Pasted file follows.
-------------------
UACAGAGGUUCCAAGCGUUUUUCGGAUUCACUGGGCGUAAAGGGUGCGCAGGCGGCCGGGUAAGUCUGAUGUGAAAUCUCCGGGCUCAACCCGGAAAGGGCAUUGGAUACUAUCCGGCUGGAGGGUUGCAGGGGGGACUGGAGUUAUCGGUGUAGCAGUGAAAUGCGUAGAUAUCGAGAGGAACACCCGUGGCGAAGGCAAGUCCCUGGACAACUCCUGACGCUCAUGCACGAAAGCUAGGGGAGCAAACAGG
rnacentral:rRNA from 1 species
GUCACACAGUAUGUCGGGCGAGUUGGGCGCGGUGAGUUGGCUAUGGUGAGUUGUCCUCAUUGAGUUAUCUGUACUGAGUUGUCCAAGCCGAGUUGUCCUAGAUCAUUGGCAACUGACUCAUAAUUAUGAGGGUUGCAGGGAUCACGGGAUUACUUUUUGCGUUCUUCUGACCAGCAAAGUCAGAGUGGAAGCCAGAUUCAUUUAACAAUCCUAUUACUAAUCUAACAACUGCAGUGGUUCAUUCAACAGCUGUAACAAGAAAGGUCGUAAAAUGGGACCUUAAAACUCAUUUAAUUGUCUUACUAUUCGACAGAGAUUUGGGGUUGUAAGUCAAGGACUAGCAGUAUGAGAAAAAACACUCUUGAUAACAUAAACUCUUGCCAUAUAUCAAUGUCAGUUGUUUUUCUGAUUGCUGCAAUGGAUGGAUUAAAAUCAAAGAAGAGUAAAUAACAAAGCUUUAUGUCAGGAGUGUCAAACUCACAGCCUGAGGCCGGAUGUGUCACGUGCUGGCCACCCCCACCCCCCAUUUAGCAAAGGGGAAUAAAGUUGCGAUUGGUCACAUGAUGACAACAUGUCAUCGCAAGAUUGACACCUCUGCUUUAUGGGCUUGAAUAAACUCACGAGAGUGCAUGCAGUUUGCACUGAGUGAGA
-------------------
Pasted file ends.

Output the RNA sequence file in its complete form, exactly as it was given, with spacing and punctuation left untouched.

UACAGAGGUUCCAAGCGUUUUUCGGAUUCACUGGGCGUAAAGGGUGCGCAGGCGGCCGGGUAAGUCUGAUGUGAAAUCUCCGGGCUCAACCCGGAAAGGGCAUUGGAUACUAUCCGGCUGGAGGGUUGCAGGGGGGACUGGAGUUAUCGGUGUAGCAGUGAAAUGCGUAGAUAUCGAGAGGAACACCCGUGGCGAAGGCAAGUCCCUGGACAACUCCUGACGCUCAUGCACGAAAGCUAGGGGAGCAAACAGG
rnacentral:rRNA from 1 species
GUCACACAGUAUGUCGGGCGAGUUGGGCGCGGUGAGUUGGCUAUGGUGAGUUGUCCUCAUUGAGUUAUCUGUACUGAGUUGUCCAAGCCGAGUUGUCCUAGAUCAUUGGCAACUGACUCAUAAUUAUGAGGGUUGCAGGGAUCACGGGAUUACUUUUUGCGUUCUUCUGACCAGCAAAGUCAGAGUGGAAGCCAGAUUCAUUUAACAAUCCUAUUACUAAUCUAACAACUGCAGUGGUUCAUUCAACAGCUGUAACAAGAAAGGUCGUAAAAUGGGACCUUAAAACUCAUUUAAUUGUCUUACUAUUCGACAGAGAUUUGGGGUUGUAAGUCAAGGACUAGCAGUAUGAGAAAAAACACUCUUGAUAACAUAAACUCUUGCCAUAUAUCAAUGUCAGUUGUUUUUCUGAUUGCUGCAAUGGAUGGAUUAAAAUCAAAGAAGAGUAAAUAACAAAGCUUUAUGUCAGGAGUGUCAAACUCACAGCCUGAGGCCGGAUGUGUCACGUGCUGGCCACCCCCACCCCCCAUUUAGCAAAGGGGAAUAAAGUUGCGAUUGGUCACAUGAUGACAACAUGUCAUCGCAAGAUUGACACCUCUGCUUUAUGGGCUUGAAUAAACUCACGAGAGUGCAUGCAGUUUGCACUGAGUGAGA